As for the Pakistan government, they are satisfied with the situation because whatever is happening is according to their wishes and policies. They can now pose themselves as being liberals and get the support of the so-called liberal progressives.
Q. No. 9. What message would you like to convey to the Indian communist movement?
Ans: We can only say, in this regard, that the Indian communist movement should play its pivotal role in the region. Hindustan is a big country and Pakistan and Bangladesh are also two countries in the same region. As long as the communist movement in India does not adopt a scientific line, there can be no revolutionary movement in the region.
At present the communist movement in India has been split up into different fractions. The CPI and CPI (M) adopted the parliamentary line to support the present Congress government which is a class enemy of the working people of India. This support has been granted without any principled stand or condition.
The present Indian government has adopted a pro-American policy by entering into military and nuclear pacts. The communists who are supporting the governments have taken the plea that if they do not support the Congress, then India will be in the grip of fascism but we do not understand that there is any difference between the Congress and the BJP from the class point of view.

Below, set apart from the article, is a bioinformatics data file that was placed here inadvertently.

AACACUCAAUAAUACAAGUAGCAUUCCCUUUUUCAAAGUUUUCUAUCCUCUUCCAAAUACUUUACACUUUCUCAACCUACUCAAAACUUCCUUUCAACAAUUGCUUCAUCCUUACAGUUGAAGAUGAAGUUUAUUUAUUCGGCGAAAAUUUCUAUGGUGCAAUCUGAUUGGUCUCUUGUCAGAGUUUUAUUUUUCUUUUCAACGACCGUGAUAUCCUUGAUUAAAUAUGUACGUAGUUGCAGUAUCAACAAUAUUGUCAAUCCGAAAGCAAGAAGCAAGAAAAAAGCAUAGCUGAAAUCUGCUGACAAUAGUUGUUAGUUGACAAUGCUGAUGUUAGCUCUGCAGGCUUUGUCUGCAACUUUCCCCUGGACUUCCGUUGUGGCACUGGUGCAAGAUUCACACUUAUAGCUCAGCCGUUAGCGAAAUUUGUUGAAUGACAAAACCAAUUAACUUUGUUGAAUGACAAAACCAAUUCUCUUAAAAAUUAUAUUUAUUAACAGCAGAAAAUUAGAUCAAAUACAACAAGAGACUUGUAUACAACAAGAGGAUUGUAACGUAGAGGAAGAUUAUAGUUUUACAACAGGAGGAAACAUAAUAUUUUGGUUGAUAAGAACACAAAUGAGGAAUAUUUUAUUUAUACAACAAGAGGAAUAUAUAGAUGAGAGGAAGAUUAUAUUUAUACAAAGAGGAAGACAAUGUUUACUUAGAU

We think that the class enemy should be exposed to the masses so that the progressive forces can adopt a scientific line to overthrow the reactionary forces and to establish true democracy through struggle and by revolutionary methods.
This unscientific and un-Marxist thinking has remained prevalent and this is why Hindustan has been divided into three reactionary states Bharat, Pakistan and Bangladesh. At present when the different countries in the region are adopting a conciliatory position, it is the duty of the progressive parties to adopt a correct scientific line, by discussing with each other, so that a broad based unity is created among the working class and the toiling masses for a joint struggle to overthrow the reactionary governments of these countries.
It is the prime duty of the Indian communist groups and progressives to contact the progressive forces of other countries, so that the revolutionary movement is taken ahead.